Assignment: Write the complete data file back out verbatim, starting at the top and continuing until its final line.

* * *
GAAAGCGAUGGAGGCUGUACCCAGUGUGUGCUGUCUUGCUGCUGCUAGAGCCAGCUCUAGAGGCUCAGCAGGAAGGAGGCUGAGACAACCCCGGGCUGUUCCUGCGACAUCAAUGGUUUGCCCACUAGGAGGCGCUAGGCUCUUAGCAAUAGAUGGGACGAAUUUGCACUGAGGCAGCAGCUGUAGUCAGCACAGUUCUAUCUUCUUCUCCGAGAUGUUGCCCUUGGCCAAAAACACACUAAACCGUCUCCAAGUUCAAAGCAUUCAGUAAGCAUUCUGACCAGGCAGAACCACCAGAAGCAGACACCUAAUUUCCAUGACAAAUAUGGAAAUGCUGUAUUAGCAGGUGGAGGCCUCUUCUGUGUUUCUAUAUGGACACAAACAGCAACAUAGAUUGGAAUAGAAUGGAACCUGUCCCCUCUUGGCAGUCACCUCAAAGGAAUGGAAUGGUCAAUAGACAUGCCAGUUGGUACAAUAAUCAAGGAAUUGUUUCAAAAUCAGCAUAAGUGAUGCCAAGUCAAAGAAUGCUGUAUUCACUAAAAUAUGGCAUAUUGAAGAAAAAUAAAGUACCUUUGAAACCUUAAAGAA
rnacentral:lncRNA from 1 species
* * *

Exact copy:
GAAAGCGAUGGAGGCUGUACCCAGUGUGUGCUGUCUUGCUGCUGCUAGAGCCAGCUCUAGAGGCUCAGCAGGAAGGAGGCUGAGACAACCCCGGGCUGUUCCUGCGACAUCAAUGGUUUGCCCACUAGGAGGCGCUAGGCUCUUAGCAAUAGAUGGGACGAAUUUGCACUGAGGCAGCAGCUGUAGUCAGCACAGUUCUAUCUUCUUCUCCGAGAUGUUGCCCUUGGCCAAAAACACACUAAACCGUCUCCAAGUUCAAAGCAUUCAGUAAGCAUUCUGACCAGGCAGAACCACCAGAAGCAGACACCUAAUUUCCAUGACAAAUAUGGAAAUGCUGUAUUAGCAGGUGGAGGCCUCUUCUGUGUUUCUAUAUGGACACAAACAGCAACAUAGAUUGGAAUAGAAUGGAACCUGUCCCCUCUUGGCAGUCACCUCAAAGGAAUGGAAUGGUCAAUAGACAUGCCAGUUGGUACAAUAAUCAAGGAAUUGUUUCAAAAUCAGCAUAAGUGAUGCCAAGUCAAAGAAUGCUGUAUUCACUAAAAUAUGGCAUAUUGAAGAAAAAUAAAGUACCUUUGAAACCUUAAAGAA
rnacentral:lncRNA from 1 species